Stillwater News Press


May 7, 2012

Veteran Payne County commissioners vote to change road fund distribution despite new commissioner's request for time to study the issue

STILLWATER, Okla. — Payne County Commission voted 2-1 to give Commissioner Jim Arthur’s road district a bigger cut of the future sales tax revenue over the objection of Commissioner Zach Cavett who first learned of the plan at Monday’s meeting.

Payne County is divided by population into three districts. Commissioner Gloria Hesser’s District 2 is within Stillwater city limits and does not maintain any roads. District 1 in the east and District 3 in the west are responsible for county roads.

The county must redraw its district lines after the U.S. Census count every 10 years to make each district within 5 percent of the others in population. The last redistricting was approved in August, and Arthur’s district surrounds much of Stillwater. Arthur said that while the population is roughly equal, the road use is not, largely because of rapid growth southwest of the city.

“It’s important we do more work in this area,” he said. “Probably in the past five years there’s been about half a dozen housing developments go in.”

Additionally, two retirement developments are in the works in that area as well, Hesser said. The sales tax revenue has been split 50/50 between the two road districts — represented by Arthur and Cavett — and Hesser and Arthur said they wanted to see that change to a 65/35 split in favor of Arthur’s district.

“We visited with other counties and rarely do they divide it equally,” Hesser said.

Arthur and Hesser said they had researched the matter and consulted the Association of County Commissioners of Oklahoma, but Cavett, whose first commission meeting since being elected this spring was April 16, said he was not notified of the plan before Monday.

“I would just like a little time to research this a little and get ahold of some other counties,” he said.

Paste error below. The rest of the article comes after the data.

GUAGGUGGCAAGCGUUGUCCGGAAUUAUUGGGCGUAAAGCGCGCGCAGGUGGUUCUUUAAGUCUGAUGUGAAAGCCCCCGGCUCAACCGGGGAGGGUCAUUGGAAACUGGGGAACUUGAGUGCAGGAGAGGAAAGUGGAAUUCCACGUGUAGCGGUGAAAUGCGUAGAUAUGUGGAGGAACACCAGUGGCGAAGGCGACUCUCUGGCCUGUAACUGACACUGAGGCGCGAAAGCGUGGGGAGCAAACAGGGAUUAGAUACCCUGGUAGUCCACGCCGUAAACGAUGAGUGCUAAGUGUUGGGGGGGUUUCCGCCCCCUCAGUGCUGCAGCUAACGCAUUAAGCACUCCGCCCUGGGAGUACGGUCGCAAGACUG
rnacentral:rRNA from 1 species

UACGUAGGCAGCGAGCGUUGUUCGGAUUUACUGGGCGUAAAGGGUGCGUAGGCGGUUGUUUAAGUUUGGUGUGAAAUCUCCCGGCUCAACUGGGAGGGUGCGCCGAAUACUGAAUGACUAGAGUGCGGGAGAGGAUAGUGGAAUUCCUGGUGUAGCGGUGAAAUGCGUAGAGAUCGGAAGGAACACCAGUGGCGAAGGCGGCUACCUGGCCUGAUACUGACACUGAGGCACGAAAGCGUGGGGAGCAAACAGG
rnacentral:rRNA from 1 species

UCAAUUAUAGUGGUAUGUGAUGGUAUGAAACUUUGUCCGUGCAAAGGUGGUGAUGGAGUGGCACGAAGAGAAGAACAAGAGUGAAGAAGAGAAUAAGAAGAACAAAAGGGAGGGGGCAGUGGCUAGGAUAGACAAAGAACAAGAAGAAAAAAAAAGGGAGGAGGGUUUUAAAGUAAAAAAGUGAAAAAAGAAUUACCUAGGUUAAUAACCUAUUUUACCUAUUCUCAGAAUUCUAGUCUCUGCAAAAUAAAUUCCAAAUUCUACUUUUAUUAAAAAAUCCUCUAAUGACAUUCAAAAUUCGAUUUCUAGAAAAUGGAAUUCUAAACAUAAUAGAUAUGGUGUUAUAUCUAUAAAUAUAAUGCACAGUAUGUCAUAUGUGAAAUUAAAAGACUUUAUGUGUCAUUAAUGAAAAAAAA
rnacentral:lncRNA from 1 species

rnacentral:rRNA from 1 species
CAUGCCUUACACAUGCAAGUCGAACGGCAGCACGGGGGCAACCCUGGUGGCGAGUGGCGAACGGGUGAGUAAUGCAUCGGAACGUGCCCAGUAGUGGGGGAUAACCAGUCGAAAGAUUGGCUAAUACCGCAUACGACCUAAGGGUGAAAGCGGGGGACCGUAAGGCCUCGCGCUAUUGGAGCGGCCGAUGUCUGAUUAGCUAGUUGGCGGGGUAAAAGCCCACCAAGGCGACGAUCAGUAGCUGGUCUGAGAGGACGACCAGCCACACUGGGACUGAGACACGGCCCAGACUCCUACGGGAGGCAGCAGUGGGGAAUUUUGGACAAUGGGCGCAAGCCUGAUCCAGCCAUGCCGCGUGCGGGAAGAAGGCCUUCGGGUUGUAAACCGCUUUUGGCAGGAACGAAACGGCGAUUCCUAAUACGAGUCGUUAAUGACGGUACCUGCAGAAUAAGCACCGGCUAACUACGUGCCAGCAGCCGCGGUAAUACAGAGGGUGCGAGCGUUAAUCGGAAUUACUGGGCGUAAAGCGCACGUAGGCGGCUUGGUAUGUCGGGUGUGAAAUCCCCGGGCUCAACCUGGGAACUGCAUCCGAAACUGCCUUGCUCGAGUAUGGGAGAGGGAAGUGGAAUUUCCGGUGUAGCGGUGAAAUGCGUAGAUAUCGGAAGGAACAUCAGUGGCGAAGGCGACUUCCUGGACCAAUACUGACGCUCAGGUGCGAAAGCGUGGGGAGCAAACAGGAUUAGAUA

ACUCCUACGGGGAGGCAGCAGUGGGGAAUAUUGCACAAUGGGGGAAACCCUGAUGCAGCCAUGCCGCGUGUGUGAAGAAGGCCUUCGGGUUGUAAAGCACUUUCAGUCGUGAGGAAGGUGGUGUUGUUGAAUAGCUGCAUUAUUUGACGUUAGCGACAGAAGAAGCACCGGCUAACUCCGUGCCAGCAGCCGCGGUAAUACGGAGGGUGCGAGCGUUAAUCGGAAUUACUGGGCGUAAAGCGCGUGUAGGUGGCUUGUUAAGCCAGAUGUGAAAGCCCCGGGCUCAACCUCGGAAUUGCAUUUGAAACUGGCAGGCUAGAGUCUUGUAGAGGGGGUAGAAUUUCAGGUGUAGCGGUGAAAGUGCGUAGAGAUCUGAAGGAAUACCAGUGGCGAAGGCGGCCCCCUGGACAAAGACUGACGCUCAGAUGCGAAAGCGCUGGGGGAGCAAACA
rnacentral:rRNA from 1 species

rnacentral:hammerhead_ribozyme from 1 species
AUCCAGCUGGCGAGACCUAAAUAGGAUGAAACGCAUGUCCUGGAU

Hesser responded that she and Arthur had already done that.

Cavett made a motion to table the measure, but he did not receive a second, meaning it died without a vote. Commissioners then voted 2-1 to approve the motion to redistribute the sales tax between the road districts.

After the meeting, Hesser said the measure had been considered back when District 1 Commissioner Bill Deering was in office, but she and Arthur chose to wait when Deering was battling cancer. When asked why she didn’t honor Cavett’s request to table the measure, Hesser said she couldn’t answer that other than to say changing the sales tax split has been considered for a while. Arthur was not immediately available for follow-up comment.

“It would have sure been nice to have an opportunity to table it, so I could get the figures and the miles that each district has to maintain,” Cavett said after the meeting.

He also said he would gather statistics on where sales tax is generated, the miles of roads to maintain and the road usage to present at an upcoming meeting. Monday’s meeting was Cavett’s third on the commission.

“I don’t mind it being a fair split, but it seems as though they pulled those percentages out of thin air,” Cavett said. “I am about being fair, I just don’t feel like those percentages (are) fair.”

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